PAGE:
Browsing category Learning

How to Shoot Night Landscapes


Most photographers tend to undertake their landscape assignments in the daylight hours, and the hours immediately prior to and after sunrise and sunset are often held up as the best time to get interesting light. However, more adventurous photographers will also find that many landscapes work just as well in the dark of night. Photographing images at night by shining a torch ('flashlight') at your chosen subject using the technique known as ‘painting with light’ is actually a relatively simple

CAPA Evaluation Course


Are you interested in learning how to evaluate and score photographic images or how to make a better image? CAPA is pleased to provide our comprehensive and renowned course that teaches you how to look at and understand an image, comment on its strengths and opportunities, and correctly score it at Club and CAPA competitions. This full day course will make you a better photographer and includes a copy of the 125-page CAPA Judges Manual. You will quickly learn how to; Identify The

A Little more on Composition


The Ubiquitous - and Much Derided - Rule of Thirds It's been the favourite 'rule' of camera clubs since photographs started to imitate 'art'. Imagine that your image is divided into nine equal segments by two vertical and two horizontal lines. Try to position the most important elements in your scene along these lines, or at the points where they intersect. Doing so will add balance and interest to your photo. Will they look old-fashioned and appear to have been set up in some way? Yes, very

Composition – The Very First Rules


Before I took my first photographs on my own camera (a Coronet 44, I think), at the age of 12, I hadn’t ever considered or learned about composition. I thought it only had something to do with painting.... and it was certainly something our Art teacher kept rattling on about. I disregarded composition entirely. Then there came a point where I began intuitively arranging my subject into what seemed 'better balanced' places. There again, I had no idea about shutter speeds and apertures – and I'm

Good Composition is a Key Element of Good Photographs


Good Composition is a key element of good photographs yet is something that is hard to define. Instead of looking at composition as a set of ‘rules’ to follow – view it as a set of ingredients that can be used to make a great ‘meal’ (photograph). Alternatively, think of it as a set of ‘tools’ for the construction of a great image. The key is to remember that in the same way as a chef rarely uses all the ingredients at their disposal in any dish – a photographer rarely uses all of the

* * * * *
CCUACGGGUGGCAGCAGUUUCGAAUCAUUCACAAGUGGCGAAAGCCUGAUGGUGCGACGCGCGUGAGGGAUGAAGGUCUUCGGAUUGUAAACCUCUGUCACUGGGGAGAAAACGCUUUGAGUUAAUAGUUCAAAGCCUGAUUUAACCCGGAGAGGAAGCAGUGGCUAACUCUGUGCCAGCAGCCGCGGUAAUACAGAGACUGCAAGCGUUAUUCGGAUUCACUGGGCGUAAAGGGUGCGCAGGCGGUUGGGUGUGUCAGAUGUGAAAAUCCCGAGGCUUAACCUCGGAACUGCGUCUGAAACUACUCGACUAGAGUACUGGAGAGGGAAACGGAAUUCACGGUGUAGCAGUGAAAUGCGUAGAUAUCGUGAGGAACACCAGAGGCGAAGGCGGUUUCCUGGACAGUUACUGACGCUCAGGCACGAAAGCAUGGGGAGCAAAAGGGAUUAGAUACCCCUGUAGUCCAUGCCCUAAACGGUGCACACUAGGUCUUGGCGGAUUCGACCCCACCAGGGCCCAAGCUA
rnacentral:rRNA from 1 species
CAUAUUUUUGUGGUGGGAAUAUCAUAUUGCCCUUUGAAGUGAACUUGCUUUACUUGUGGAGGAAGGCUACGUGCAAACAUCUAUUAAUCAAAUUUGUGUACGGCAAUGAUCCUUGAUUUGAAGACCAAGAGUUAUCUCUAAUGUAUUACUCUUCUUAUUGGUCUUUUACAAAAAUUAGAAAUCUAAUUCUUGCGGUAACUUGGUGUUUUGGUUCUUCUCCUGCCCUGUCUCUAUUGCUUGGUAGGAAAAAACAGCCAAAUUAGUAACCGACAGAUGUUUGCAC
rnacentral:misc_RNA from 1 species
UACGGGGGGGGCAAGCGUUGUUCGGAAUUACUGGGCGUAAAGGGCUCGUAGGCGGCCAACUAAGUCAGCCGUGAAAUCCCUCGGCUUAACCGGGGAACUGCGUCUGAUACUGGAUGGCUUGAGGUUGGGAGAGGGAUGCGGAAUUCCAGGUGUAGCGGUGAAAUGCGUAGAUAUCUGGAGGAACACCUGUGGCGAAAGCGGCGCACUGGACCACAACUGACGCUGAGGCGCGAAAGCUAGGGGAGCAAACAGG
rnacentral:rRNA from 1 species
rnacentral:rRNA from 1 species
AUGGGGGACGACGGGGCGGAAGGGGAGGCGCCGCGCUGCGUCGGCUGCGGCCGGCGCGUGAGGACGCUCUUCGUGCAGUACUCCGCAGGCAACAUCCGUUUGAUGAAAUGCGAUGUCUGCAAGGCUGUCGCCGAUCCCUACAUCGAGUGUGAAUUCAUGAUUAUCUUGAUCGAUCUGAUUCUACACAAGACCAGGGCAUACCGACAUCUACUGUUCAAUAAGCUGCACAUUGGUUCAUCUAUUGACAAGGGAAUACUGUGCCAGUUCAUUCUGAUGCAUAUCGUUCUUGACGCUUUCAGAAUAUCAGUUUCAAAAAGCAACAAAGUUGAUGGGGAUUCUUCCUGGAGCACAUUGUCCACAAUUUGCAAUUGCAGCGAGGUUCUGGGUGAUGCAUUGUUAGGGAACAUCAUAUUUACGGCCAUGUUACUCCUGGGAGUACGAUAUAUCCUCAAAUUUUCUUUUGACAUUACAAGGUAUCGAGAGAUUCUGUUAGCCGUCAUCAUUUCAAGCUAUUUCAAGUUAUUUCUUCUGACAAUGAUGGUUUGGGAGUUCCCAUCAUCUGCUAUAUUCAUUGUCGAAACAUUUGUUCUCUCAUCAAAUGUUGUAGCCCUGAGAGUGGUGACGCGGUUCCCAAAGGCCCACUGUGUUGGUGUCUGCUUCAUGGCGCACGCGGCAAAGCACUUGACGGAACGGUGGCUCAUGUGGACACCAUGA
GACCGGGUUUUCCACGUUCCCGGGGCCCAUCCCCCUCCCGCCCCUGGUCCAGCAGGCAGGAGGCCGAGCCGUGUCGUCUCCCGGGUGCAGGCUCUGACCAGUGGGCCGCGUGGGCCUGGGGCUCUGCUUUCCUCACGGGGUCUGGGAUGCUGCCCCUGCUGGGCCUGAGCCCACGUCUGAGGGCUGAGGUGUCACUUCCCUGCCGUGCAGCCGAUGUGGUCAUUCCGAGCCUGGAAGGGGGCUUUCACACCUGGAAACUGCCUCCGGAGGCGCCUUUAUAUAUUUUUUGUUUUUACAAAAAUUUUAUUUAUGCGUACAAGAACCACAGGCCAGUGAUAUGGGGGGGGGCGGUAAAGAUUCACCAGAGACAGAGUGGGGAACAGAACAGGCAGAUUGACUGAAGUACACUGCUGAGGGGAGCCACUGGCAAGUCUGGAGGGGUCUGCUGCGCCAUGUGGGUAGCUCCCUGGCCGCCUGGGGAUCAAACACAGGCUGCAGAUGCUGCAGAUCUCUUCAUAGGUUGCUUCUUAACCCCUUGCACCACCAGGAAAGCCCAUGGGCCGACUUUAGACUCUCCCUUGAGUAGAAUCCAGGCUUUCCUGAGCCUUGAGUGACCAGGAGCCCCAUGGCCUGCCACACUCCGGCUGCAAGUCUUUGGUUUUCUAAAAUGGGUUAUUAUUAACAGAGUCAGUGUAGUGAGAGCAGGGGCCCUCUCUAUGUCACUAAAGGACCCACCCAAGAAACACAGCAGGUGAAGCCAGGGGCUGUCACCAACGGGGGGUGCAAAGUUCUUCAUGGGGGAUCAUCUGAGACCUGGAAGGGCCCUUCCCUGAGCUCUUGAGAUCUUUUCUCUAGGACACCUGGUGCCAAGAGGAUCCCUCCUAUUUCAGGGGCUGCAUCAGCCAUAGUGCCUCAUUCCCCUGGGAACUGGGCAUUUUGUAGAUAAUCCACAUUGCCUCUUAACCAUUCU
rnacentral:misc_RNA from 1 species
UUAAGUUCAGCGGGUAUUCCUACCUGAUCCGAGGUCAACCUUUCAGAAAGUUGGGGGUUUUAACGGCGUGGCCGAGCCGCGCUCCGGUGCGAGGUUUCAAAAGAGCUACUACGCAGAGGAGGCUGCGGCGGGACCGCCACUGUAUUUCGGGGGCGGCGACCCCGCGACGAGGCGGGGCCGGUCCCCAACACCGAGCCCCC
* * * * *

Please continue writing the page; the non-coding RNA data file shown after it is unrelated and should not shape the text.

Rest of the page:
What is an F-Stop?


Most of us have heard, and probably used, the term f-number. Most of us have also probably used the term interchangeably with “f- stop” or “aperture”. What are all these things, really? Yes, they have to do with the size of the hole allowing light to pass through the lens, and they affect depth of field and light intensity. But I’m talking about what these things really are. Some definitions. An aperture is simply a hole which allows light to pass through it. A diaphragm is the mechanism

Photography in the Snow


It's that time of year again.... how to – without being in the Alps or the Rockies – capture some interesting pictures in the snow. One of the major challenges when shooting outdoors in the winter is the snow. The snow presents some interesting challenges that make it one of the toughest scenes to shoot. Typically, when you shoot in the winter with snow on the ground, pictures tend to come out very dull and underexposed if you shoot in automatic or semi automatic modes. But why? Simply

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The members of the Kingston Photographic Club, of Ontario, meet twice-monthly or more, September to May. The membership broaden their photographic interest from the knowledge of speakers, competition judges, our meetings, other members and this website.

Kingston, Ontario